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CFPB revises CARD Act rules, making it easier for stay-at-home mates to get credit

ConsumersU.S. Consumer Financial Protection BureauCredit and Debt

The Consumer Financial Protection Bureau has revised rules on the 2009 CARD Act, paving the way for non-working spouses and partners to qualify for credit cards.

The Credit Card Accountability Responsibility and Disclosure Act was designed to rein in some of the egregioius practices of card issuers, such as handing out lines of credit to college students who didn't even have jobs. The banks counted on mom and dad to step in if junion got in over his head.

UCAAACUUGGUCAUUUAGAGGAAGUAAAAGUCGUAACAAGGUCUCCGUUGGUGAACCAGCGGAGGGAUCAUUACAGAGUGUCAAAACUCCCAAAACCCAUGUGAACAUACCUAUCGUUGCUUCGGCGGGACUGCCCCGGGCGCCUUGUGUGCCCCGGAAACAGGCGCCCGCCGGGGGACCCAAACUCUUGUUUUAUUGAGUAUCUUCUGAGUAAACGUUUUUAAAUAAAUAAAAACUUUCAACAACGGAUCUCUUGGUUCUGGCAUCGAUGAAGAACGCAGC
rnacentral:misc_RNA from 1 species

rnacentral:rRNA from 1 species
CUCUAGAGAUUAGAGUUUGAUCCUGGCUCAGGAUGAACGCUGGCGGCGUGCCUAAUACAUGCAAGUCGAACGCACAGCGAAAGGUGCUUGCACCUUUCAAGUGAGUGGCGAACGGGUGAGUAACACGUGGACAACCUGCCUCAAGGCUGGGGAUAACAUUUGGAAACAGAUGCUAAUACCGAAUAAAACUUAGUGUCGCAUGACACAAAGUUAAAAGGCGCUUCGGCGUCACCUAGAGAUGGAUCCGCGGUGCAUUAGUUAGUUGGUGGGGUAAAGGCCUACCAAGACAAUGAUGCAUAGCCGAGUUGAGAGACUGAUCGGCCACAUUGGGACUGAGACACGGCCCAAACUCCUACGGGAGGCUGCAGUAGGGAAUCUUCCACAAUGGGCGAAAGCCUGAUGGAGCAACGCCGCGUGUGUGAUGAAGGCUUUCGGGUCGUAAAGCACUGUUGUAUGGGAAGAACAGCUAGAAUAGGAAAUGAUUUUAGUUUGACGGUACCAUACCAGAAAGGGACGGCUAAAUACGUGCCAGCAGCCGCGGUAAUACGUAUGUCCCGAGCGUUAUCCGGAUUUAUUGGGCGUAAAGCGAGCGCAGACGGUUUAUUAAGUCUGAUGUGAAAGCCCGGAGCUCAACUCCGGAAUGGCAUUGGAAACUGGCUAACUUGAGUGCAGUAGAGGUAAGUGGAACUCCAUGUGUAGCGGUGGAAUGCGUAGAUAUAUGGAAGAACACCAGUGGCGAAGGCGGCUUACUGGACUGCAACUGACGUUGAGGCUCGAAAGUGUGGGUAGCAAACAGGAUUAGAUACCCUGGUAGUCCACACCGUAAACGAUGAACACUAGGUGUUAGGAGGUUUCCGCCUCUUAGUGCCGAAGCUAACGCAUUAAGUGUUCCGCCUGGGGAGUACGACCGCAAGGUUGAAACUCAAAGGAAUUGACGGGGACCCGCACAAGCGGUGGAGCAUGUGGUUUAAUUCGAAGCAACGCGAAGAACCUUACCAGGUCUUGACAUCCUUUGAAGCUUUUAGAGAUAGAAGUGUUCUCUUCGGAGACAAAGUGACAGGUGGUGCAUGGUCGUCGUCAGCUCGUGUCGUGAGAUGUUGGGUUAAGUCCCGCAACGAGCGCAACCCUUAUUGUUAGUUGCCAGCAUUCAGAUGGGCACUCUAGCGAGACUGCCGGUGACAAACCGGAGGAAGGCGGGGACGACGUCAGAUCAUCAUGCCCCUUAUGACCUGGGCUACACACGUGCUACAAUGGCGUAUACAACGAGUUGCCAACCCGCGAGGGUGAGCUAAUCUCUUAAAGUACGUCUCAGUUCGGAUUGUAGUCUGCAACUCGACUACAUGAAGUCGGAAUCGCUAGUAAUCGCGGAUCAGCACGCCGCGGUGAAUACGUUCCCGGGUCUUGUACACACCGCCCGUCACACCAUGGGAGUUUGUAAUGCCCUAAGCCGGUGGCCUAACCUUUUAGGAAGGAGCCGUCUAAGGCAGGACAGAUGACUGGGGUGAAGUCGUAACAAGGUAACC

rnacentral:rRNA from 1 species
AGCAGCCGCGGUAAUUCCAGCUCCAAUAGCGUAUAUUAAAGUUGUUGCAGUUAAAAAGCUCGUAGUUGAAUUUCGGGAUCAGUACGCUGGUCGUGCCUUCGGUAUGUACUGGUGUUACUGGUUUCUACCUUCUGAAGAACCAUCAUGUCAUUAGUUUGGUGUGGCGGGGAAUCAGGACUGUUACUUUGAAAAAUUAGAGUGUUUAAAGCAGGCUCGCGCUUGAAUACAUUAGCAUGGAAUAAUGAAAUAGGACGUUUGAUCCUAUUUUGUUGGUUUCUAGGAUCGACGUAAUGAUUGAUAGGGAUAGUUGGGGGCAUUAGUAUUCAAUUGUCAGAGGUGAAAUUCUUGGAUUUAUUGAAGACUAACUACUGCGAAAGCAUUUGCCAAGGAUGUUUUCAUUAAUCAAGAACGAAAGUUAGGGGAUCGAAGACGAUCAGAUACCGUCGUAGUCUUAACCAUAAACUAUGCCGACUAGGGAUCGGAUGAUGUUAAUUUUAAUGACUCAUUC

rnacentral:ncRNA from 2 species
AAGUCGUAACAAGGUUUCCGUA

One of the provisions of the law, though, was that a card company had to make sure consumers had the ability to pay before issuing them a credit card or raising their credit limit. This meant that card companies had to look at the applicant's income.

But some worried that stay-at-home parents or partners might be penalized. They have a mate's income to rely on, but don't have their own paycheck.

The CFPB said it has now revised the regulations. Card companies can now take the income of a third party into account for applicants age 21 and up.

Copyright © 2014, The Baltimore Sun
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